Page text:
The Future of Advertising Is Clear — Measurement, not So Much
Fast Company published a lengthy article last November titled The Future of Advertising, and it’s a good read. It traces the evolution of the advertising industry over the past 50 years, and it does a great job of assessing the business model(s) that have worked over time and why. That all serves as a backdrop for how the author posits digital and social media, and the crowdsourced-fragmented-wiki world we now live in is blowing those models up. And, it highlights a number of examples of agencies that are successfully shaking up the ways they operate. It’s a great read.
As I read through the article, I was eager to see what, if anything, came up regarding measurement and analytics. The sole mention turned up on the fourth page of the article (bold/underline added by me):
Every CEO in the [advertising agency] business…wants to be financially rewarded for performance, and thanks to all those new data-analytics tools, for the first time ever, their effectiveness can be measured. Says IPG chairman [Michael] Roth: “We should get higher [compensation] if it works and lower if it doesn’t. That’s how this industry can return to the profitability level.” It’s a nice thought, but those tools aren’t infallible: While Wieden’s innovative Web campaign for P&G’s Old Spice garnered tons of publicity, Ad Age speculated that the boost in sales may well have been due to a coupon.
So much for the silver bullet.
First off, the “every CEO in the business wants” statement is a little odd. Unquestionably, every CFO would love to be able to pay for performance, both the leaders in the company’s own marketing organization, as well as every agency with whom the company works. And, sure, every agency executive would agree that it is fair and reasonable to be paid based on performance. But, I don’t exactly think the advertising industry is flush with agencies wishing they could have performance-based compensation. Sure, agencies want to be able to measure the business impact of their work, but that’s so they can demonstrate their value to their clients, so, in turn, they can retain and grow those clients.
Just as my dander was good and raised, I hit the second sentence that I bolded and underlined above: “It’s a nice thought, but those tools aren’t infallible.” <whew> The voice of reason. But, the “new data-analytics tools” wording implies that there is some whole new class of business impact measurement platforms, and there simply is not. There are scads of emerging tools for measuring new channels like blogs and Facebook and Twitter, and there are lots of really smart people trying to build models that can supplement or supplant the broken reality of marketing mix modeling. But, we’re far, far, far from simply having “tools that aren’t infallible.”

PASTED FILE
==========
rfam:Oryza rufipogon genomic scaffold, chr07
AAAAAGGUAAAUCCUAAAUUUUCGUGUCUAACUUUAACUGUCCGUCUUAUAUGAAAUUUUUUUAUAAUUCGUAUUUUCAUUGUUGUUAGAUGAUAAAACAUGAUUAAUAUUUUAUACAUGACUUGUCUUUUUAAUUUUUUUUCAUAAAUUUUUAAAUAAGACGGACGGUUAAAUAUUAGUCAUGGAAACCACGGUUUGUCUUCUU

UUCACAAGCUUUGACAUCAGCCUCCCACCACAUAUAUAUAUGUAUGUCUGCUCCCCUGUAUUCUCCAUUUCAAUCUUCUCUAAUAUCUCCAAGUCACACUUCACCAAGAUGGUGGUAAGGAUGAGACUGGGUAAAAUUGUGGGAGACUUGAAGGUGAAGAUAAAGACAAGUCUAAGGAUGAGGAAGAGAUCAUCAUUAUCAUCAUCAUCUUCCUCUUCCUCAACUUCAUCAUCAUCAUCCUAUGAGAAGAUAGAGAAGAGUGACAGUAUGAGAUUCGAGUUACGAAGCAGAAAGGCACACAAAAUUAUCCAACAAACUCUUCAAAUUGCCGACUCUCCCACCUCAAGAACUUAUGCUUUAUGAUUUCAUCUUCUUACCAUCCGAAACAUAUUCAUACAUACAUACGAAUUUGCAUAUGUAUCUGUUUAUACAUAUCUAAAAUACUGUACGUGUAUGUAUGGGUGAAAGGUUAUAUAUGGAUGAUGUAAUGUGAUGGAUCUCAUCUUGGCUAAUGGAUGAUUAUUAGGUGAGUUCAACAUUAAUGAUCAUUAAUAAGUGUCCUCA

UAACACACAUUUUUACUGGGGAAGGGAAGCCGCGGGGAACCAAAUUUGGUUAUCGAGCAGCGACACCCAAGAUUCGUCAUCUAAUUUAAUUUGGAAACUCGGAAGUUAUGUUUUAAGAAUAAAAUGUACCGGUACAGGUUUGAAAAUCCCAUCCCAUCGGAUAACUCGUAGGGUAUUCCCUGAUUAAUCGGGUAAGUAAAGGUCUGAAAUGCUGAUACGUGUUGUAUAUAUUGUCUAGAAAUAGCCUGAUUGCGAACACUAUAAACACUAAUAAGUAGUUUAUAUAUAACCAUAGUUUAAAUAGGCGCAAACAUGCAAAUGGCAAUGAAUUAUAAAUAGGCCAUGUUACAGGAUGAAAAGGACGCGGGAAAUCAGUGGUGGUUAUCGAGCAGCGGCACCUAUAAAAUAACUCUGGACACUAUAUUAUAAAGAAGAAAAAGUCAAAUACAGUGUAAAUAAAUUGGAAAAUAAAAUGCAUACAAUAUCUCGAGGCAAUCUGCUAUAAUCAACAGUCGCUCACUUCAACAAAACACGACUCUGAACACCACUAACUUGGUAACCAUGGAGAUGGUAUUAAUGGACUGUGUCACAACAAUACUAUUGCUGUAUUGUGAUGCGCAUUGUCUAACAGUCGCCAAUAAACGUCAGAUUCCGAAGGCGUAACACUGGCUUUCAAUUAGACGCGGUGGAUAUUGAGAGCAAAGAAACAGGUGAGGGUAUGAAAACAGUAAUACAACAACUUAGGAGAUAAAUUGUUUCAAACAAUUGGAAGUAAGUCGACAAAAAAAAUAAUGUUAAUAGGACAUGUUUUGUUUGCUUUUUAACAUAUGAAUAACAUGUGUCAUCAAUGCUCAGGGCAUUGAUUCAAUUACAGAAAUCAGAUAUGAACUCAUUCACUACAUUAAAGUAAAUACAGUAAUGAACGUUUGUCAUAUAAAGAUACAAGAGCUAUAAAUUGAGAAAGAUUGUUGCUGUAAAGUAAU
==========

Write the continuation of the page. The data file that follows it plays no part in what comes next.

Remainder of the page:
Finally, the snippet above brings up the Old Spice campaign that featured Isaiah Mustafa in an eye-popping number of clever and consumer-engaging videos. No rational marketer would look at that campaign and try to judge it solely based on near-term sales. Word-of-mouth impact, consumers talking positively about the brand, existing customers quietly puffing out their chests because “their” brand is making a splash. How can that not lead to increased awareness of the brand, a positive shift in brand perception, and, I would think, 12-24 months of lingering positive effects? Is all of that worth $100 million or $1 million? I don’t know. But, from a “results based on what the conceivers of the campaign hoped to achieve,” it’s hard to argue that it delivered. But, I’m really not going to continue that debate — just want to point out that “immediate sales impact” is, well, the same sort of old school thinking that the rest of the article takes to task.
I still liked the article, but the brief measurement nod was a bit bizarre.